In a previous blog, we discussed the value of inclusion and how Montessori’s tenet of following the individual needs of the child makes it inherently inclusive. The Circle of Inclusion Project (University of Kansas) and Raintree Montessori (Lawrence, Kansas) listed 11 specific ways in which Montessori education addresses the needs of all children, including those with disabilities. Included in this list is “The development of organized work patterns in children.” In today’s blog, Michelle kindly shares her classroom experiences to provide real-life examples of how Montessori meets that specific goal.
Carrie entered my Montessori upper elementary classroom as a sixth-year student. Brand new to Montessori and unsure of what to expect, Carrie was quiet and, as one might expect, spent a great deal of time observing her new surroundings and friends. It did not take long for Carrie to settle in to her new environment, making friends and learning the routines of the classroom. She appeared to be quite busy, but closer observations soon led me to realize she wasn’t doing very much.
I invited Carrie to show me her daily journal. As I suspected, it was full of work she wanted to do, but nothing was getting done. It was clear that Carrie was not sure where to start.
Montessori and the Circle of Inclusion: The Development of Organized Work Patterns in Children
The Montessori environment is designed to allow students to develop concentrated and focused work patterns that allow them to study concepts in depth.
The uninterrupted three-hour work period encourages free exploration without disruption.Starting in the early childhood environment and continuing right through upper elementary, all work has a clear beginning (set up), middle (the work itself), and end (clean up). A new material is not retrieved from the shelves until the first has been properly put away.
Students are responsible for planning their own daily work cycle.In my Montessori elementary classroom, I encouraged the students to use a journal to record the lessons and work they wished to accomplish during the day. I found that the students who worked well independently only needed to check-in with me once or twice a week to review their plans in their journals. If students needed additional help becoming independent, I usually asked them to check-in with me daily. Some students required even more guidance, and so I encouraged them to see me several times a day until they established a more focused work period.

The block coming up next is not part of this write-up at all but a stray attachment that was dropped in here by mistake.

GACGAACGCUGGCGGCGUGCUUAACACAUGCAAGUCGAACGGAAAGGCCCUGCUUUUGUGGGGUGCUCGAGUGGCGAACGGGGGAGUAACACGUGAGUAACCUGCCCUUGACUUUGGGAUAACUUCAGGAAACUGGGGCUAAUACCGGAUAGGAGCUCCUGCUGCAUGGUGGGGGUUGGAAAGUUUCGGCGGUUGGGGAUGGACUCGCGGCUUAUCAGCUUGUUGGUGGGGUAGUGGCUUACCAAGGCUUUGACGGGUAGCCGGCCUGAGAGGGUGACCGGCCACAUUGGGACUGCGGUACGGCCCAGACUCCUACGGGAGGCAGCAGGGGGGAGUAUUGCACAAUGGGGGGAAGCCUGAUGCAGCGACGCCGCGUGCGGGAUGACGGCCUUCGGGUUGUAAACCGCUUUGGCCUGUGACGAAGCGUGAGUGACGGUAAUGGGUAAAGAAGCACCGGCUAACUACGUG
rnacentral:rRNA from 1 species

Carrie clearly demonstrated the need for more guidance to help her plan her daily work. For two weeks, we met every morning to set her goals for the day. We discussed her plans and then broke them down into small, manageable tasks. At first, I asked her to predict how much time she thought a task would take and to check-in with me when she finished. This way, we could monitor and adjust her plan as needed throughout the day. As she became more adept at setting her goals and managing her time, I moved our meeting time to later in the day to review what she had accomplished during the morning work cycle and decide if there was time to continue working in the afternoon or if she should work on it the next day. After a few weeks, Carrie was able to plan her daily and weekly work independently, and was happy to meet with me on Friday afternoons when I held my weekly review meetings with students.
When I met with Carrie’s parents during our parent–teacher conference, they were thrilled. They told me then, that Carrie had been diagnosed with ADHD. They had not told the school previously because they did not want Carrie to be labeled or treated differently. They wanted to know if the Montessori method would make a difference. They told me they had seen a huge improvement in her work habits at school as well as in her home life. She was able to start and finish tasks with fewer distractions and she has a more positive attitude.
Showing Carrie how to record her daily goals and work plan empowered her; it gave her the ability to choose her own work and made her responsible for her learning.Recording her goals also gave Carrie a reference that she could use when she wondered what to do next. And breaking down her work into smaller chunks of time made the three-hour work period feel more manageable. Ultimately, becoming more organized gave Carrie more control over her own learning.
© North American Montessori Center - originally posted in its entirety at Montessori Teacher Training on Monday, March 6, 2017.